CEO.ca - Nautilus Minerals (NUS-T) enters a critical phase in its bid to become a seafloor metals miner. Earlier today Nautilus noted it would start testing a number of its seafloor mining tools in early 2016.
The key thing to realize here is that these tools have never been used before. Indeed, this kind of seafloor mining has never been done.
That's always been one of the main attractions in Nautilus as a company and investment. It's on the cutting edge of both identifying and delineating seafloor metal deposits (e.g. around active smokers) and designing, with contractors, the right tools to mine them.
Of course that comes with perils - here, proving that the tools can work.
What to watch for?
Nautilus isn't totally re-inventing the wheel. Many of the tools - from seafloor cutters, to feed pumping systems, to ship-based processing facilities - are modelled around pre-existing technologies borrowed from the oil and gas industry.
So not everything has been designed from scratch.
That said, Nautilus plans are not a relatively simple matter of just taking a super vacuum to the seafloor, as say mining diamond-bearing sediments underwater in South Africa. The feat here involves tracked cutters exploiting harder mineralization on the seafloor and pumping the resulting feed to surface, among other things.
For such tools Nautilus could not go to "Canadian Miner" on a Saturday morning and pull ready-to-use equipment off the shelf.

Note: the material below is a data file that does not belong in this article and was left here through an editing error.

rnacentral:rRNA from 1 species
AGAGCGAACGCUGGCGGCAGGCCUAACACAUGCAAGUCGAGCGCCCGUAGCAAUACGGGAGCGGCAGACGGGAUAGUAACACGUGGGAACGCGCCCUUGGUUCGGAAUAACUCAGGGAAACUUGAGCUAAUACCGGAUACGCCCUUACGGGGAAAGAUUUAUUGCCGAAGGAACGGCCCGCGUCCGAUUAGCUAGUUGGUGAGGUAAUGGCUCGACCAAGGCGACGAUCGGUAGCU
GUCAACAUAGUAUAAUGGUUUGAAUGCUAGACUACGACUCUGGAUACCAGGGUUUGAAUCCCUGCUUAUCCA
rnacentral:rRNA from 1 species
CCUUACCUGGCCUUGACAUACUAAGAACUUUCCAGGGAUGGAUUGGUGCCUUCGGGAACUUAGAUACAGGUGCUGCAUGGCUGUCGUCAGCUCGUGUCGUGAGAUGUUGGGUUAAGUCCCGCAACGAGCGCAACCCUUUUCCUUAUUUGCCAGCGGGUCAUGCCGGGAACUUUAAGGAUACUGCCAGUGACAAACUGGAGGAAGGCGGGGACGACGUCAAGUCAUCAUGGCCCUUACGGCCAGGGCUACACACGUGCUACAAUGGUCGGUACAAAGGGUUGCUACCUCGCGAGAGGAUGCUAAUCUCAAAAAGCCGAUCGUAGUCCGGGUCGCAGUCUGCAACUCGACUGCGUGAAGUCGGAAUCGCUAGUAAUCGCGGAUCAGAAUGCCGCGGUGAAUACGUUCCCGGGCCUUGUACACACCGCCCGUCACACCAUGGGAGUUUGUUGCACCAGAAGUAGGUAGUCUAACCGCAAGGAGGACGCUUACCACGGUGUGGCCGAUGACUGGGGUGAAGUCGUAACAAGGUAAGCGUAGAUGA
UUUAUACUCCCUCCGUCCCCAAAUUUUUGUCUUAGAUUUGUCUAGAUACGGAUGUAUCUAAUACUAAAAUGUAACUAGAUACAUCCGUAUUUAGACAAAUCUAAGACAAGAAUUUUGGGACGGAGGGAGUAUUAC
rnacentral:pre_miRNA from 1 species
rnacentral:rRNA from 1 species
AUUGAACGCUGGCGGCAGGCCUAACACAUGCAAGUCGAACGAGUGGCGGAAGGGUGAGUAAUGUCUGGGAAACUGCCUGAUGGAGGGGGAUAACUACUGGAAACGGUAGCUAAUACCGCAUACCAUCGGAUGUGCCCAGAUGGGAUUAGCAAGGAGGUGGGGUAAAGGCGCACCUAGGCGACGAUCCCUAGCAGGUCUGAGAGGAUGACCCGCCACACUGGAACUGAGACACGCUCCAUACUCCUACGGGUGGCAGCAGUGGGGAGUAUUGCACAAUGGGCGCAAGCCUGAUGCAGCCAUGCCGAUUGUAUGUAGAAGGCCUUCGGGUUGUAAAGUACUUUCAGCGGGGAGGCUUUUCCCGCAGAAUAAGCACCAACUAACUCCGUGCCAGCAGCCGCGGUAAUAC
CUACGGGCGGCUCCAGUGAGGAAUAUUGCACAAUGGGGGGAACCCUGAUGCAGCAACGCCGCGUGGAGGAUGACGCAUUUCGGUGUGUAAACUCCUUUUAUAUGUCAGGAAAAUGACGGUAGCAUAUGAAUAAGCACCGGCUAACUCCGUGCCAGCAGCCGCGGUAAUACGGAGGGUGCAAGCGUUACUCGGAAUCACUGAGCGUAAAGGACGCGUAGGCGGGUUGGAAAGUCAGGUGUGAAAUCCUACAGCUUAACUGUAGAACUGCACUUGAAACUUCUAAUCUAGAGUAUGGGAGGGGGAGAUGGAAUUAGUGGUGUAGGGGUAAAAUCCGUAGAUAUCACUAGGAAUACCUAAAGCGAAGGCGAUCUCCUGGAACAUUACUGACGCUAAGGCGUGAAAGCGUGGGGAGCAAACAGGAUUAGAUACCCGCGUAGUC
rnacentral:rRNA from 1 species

So expect the testing to require Nautilus to tweak and redesign its tools.
To Nautilus Minerals President and CEO Michael Johnston one of the chief questions involves engineering assumptions on matters of power. How much will they need to operate machines underwater where the pressure of water comes to bear on components?
"These first machines will probably be the worst ones ever built," Johnston told me a year ago.
The current thinking is that the cutting tools may be overbuilt, as the cutting power they need was modelled on the hardness of continuous core from the company's Solwara I deposit. In reality, Nautilus will likely encounter more busted-up mineralization when, or if, it actually mines the stuff.
But who knows exactly.
So Nautilus enters the proof-of-concept phase. It will have the attention of miners and smelters. They will be watching to see how well Nautilus's vision meets reality.
The first deposit it plans to target is called Solwara I, off the coast of Papua New Guinea, and is estimated to contain: 1mt @ 7.2% copper, 5.0 g/t gold, 23 g/t silver, 0.4 % zinc, indicated; and 1.5mt @ 8.1 % Cu, 6.4 g/t Au, 34 g/t Ag, 0.9% Zn, inferred. The deposit is a massive sulphide deposit.Papua New Guinea has 15% interest in the project.
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